In most forming processes under consideration, large material deformations and contact phenomena occur. Updated Lagrangian formulations are well suited for problems regarding path dependent material properties and free surfaces, but lead to problems with evolving contacts and suffer from numerical problems, when the mesh is distorted heavily. Eulerian formulations are able to cope with large material deformations, but are less suited for the description of free surfaces. Therefore, sophisticated mesh update algorithms like ALE (Arbitrary Lagrangian Eulerian) have become very popular. Moreover, intermediate Eulerian Lagrangian hybrid methods were developed, which combine the advantages of the Eulerian field representation by elimination of the explicit time dependence for steady-state processes, and the individual Lagrangian description with a well known reference configuration. It requires a systematic transformation (non-linear mapping) of the distorted geometry, the stress-, strain- and strain-rate tensors, the balance equations and variational principles of continuum mechanics into this fictitious intermediate reference system.
To obtain praxis-relevant results, the FE - models have to be calibrated and compared with measured plant data and pass schedule values. Many process- and modelling parameters, such as frictional and heat transfer coefficients and yield stress parameters, are not known exactly in most cases. Therefore, systematic parameter identifications have to be performed, leading to inverse problems. Such identification procedures often turn out to be “ill-posed problems”, which is due to the severe non-linearity of the models under consideration. The non-linearity results from large plastic deformations, the frictional contact between the work-piece and tools, and also from the non-linear elasto-viscoplastic path dependent constitutive laws, where the yield stress curve depends on the strain, strain rate and temperature. Besides, for many practical cases of interest (e.g. profile and flatness analysis of the strip for flat rolling processes), the tools cannot be modelled as rigid bodies, but elastic deformations and thermal crown effects have to be taken into account to obtain praxis relevant predictions.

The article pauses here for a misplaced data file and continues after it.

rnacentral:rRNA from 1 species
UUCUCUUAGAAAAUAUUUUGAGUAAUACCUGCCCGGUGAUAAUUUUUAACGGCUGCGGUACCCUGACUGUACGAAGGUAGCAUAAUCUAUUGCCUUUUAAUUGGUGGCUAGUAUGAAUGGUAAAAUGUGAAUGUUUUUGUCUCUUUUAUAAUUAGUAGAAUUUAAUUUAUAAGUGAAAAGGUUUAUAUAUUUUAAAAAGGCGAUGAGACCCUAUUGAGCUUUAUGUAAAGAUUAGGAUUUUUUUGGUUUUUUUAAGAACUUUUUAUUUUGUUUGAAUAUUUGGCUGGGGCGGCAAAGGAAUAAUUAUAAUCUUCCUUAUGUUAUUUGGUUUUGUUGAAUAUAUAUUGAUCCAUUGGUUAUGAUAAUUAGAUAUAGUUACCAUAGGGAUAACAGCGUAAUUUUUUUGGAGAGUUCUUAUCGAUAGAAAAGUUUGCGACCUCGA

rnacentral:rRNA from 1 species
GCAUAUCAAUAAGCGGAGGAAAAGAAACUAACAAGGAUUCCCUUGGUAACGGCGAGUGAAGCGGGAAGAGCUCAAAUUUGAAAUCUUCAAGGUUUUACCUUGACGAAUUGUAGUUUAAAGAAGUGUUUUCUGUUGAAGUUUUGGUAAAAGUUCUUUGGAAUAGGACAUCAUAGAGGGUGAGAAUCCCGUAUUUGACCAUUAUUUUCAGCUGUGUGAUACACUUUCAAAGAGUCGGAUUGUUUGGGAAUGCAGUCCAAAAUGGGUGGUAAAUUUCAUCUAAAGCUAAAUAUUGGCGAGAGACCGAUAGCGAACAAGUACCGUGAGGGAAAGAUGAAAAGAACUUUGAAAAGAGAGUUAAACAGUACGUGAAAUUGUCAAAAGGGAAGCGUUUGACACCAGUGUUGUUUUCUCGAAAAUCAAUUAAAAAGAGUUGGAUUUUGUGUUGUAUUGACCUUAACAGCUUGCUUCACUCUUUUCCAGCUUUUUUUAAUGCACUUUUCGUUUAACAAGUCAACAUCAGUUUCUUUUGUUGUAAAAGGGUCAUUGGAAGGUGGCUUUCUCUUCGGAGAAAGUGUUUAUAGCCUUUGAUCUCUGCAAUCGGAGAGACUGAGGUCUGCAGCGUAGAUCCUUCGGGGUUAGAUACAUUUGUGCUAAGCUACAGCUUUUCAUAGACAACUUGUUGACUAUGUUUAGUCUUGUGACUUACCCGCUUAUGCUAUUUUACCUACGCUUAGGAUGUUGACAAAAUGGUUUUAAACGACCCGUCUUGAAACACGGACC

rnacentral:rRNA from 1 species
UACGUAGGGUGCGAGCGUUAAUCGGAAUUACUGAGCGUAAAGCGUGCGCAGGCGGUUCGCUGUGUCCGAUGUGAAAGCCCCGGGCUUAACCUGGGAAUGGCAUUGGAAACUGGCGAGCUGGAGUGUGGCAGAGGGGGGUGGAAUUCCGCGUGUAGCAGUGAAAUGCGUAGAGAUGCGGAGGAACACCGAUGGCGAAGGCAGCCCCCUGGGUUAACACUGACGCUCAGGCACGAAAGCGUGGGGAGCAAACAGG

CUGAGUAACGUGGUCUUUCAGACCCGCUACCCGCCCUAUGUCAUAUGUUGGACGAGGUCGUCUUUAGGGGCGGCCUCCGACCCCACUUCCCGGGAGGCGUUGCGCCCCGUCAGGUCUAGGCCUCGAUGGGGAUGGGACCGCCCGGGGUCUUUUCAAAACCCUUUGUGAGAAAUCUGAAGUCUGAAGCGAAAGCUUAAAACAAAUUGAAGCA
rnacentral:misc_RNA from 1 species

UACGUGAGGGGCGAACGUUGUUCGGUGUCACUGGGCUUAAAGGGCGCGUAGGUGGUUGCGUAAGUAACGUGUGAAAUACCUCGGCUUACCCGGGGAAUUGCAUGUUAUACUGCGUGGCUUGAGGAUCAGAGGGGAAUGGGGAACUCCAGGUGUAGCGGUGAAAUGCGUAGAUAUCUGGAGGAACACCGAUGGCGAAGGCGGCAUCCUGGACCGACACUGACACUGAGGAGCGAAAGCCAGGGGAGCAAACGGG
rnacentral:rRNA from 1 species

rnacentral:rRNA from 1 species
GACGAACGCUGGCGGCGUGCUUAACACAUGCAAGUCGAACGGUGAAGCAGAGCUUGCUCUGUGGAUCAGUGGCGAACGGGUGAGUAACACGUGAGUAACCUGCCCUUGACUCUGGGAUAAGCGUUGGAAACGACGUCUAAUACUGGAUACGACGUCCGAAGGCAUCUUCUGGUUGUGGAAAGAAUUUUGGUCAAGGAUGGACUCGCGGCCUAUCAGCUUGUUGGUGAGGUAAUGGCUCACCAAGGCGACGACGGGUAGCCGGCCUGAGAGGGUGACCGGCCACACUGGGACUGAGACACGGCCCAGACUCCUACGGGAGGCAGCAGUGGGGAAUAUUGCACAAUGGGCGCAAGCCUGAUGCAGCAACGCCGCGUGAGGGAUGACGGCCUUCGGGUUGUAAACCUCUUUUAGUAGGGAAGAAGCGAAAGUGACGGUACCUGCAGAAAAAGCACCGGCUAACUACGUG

In order to accomplish the development of customized metal forming simulation packages, commercial finite element simulation software packages such as Abaqus Standard and Explicit, Deform, Femlab etc. are utilized and supplemented by self-developed user subroutines (written in Fortran 90, C++ and script languages like Python, Tcl) for advanced pre- and post-processing purposes. This enables one to perform systematic parameter studies, to obtain sets of characteristic curves and to automatise the simulation and evaluation of coupled forging or rolling passes.
Simulation and Optimisation of Non-Metal Forming Processes
Keywords: Computational Mechanics, Thermoplastics, Numerical Simulations, FEA (Finite Element Analysis), Material Flow, Residual Stresses, Shrinkage, Distortion, Heat Transfer, Conductivity, Cooling, Phase Transition, Solidification.
Introduction and Survey
Beside metal forming processes, the treatment of forming and shaping processes of thermoplastics and other synthetics becomes more and more important from a designing and manufacturing point of view. The simulation and analysis of such material forming and shaping processes often uses the same physical basic investigations and requires similar tools, which are established and proven for metal forming simulations. Therefore, existing models and experiences from such manufacturing processes (e.g. metal die forging, bending, rolling, etc.) can be exploited for non-metal processes leading to valuable synergy effects.
Our main objective of the investigation of non-metal forming processes is the improvement of existing and development of new and highly sophisticated mathematical models, theories and optimisation tools in order to improve the insight into such processes. By performing systematic process parameter studies, parameter identification procedures and regression analysis methods, sets of characteristic curves can be obtained, which serve as input for the improvement of the process and for control and automation purposes. Of considerable practical importance are reliable predictions for convection and heat transfer coefficients, e.g. for the treatment of mould cooling processes.
Mag. DI Dr. Alexander Kainz